What are the arguments for and against aliens?

What are your arguments for and against aliens? Which do you believe?

It depends on what kind of aliens you’re talking about. If we’re talking about the “UFOs & crop circles” kind of aliens, there’s a very different set of arguments to be made than for the “intelligent life anywhere else in the universe” kind.

The arguments for life somewhere out there in the universe are mostly statistical. We are one planet around a very average star, and we’ve developed to become a rather intelligent species (or so we’d like to think)! It’s difficult to think of reasons why all the probabilities that aligned for our planet couldn’t have possibly aligned for any other planets. There are simply so many other planets, that even if the chances of everything lining up again in another solar system are very very low, by the time you account for the number of chances you have, it’s statistically mandatory for there to be other life out there somewhere. Even if the other life were so rare that you would only expect one civilization per galaxy, there are billions of galaxies out there - that’s billions of other civilizations.

That’s not to say that they need to be nearby. In fact, they’re probably not nearby. If we stick with our pessimistic view of one civilization per galaxy, then we ought to look to our nearest galaxy - Andromeda. Andromeda is 2,538,000 light years away. Two million years is an awful long time to wait for a sign of intelligence from Andromeda. Or if they’re watching us, they’ve got an awful long time to wait – homo sapiens emerged around 200,000 years ago, and our first radio telescope was built in 1931. It will be two million years before light from our galaxy produced at that time will reach Andromeda. So there’s a bit of a communication problem here. There’s even more of a transportation problem; while communication can travel at the speed of light, transportation can’t. There’s no way to make a massive vehicle travel at the speed of light - we have trouble getting things to travel even close to the speed of light, which means that if you were actually trying to go there, it would take many times longer than two million years.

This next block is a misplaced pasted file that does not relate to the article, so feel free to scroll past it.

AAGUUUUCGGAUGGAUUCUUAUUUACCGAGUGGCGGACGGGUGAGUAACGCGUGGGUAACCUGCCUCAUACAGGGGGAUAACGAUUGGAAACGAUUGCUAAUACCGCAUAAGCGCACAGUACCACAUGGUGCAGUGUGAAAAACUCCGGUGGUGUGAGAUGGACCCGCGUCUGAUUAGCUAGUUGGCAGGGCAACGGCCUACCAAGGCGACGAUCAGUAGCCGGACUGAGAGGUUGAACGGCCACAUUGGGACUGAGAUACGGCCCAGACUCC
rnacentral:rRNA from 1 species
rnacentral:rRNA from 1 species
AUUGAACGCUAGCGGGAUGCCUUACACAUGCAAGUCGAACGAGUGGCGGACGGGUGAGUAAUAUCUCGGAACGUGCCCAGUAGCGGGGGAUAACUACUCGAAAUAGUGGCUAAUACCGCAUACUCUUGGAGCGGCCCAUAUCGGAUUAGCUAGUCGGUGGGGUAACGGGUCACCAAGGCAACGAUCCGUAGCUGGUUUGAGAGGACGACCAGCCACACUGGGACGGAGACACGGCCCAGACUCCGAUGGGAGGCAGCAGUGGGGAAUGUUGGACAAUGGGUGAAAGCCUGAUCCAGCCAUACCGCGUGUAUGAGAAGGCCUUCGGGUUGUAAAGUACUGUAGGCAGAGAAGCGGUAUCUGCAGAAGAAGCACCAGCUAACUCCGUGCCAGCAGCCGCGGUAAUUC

We’ve been listening for signs of ordered radio signals from other civilizations off and on for about 55 years. This means we’ve effectively looked at a little bubble that’s 55 light years wide around ourselves. That’s a very tiny sphere of space around the earth, but considering the number of stars that fall in that sphere is not huge, not finding anything there is probably to be expected. SETI@home has been running since 1999, analyzing data from the Aricebo radio telescope to see if there’s anything of extraterrestrial origin in the data. The Allen Telescope Array is also meant to search for signs of radio signals from intelligent life within a much larger sphere of 1000 light years. It’s been running since 2007, and there’s nothing yet, from either SETI@home or the Allen Telescope Array.

If, on the other hand, we’re talking about UFO type aliens that people feel they’ve seen in the sky, all the above problems still hold. You’d still need to have spotted a civilization and managed to get yourself there without breaking any laws of physics. And then, once having reached a planet with an alien race living on it, you must be content to fly erratically in the atmosphere without trying to make any kind of further contact.

As far as I am aware, there is not a single UFO sighting that cannot be explained by either a meteorological effect, a satellite, high altitude balloons, other high altitude aircraft, or plain old hoaxery. This is not to say that people have not spotted things in the sky that are unusual - they very well may have - but an object in the sky that is not immediately identifiable does not give you proof of an alien encounter. Even if there are a few genuinely inexplicable things happening in our sky, it seems to me to be rather a large leap from “Something bizarre happened in the sky” to “extraterrestrial life”. Crop circles are entirely man made objects.

Most of the above points are relatively objective. If you ask for my opinion, I think it is extraordinarily improbable that we are the only form of intelligent life in our vast universe. There are so many chances for it to arise, it must have happened elsewhere. But my understanding of the that same vastness means that I also find it extraordinarily improbable that that intelligent life is anywhere near enough for us to ever contact them. The statistical arguments in favor of other life are as overwhelming as the statistical arguments that they are enormously distant from us. But do I personally believe that any of these advanced civilizations have found us and buzzed around in our atmosphere? No. The evidence for this kind of thing is shaky at best, and I find it hard to believe that a civilization apparently advanced enough to reach us would not have the curiosity to come attempt to interact with us more directly. I believe that most UFO sightings are the result of a combination of things happening in the sky that are hard to describe, and a lack of awareness of what you can see in the night sky.

Something here unclear, or have your own question? Feel free to ask!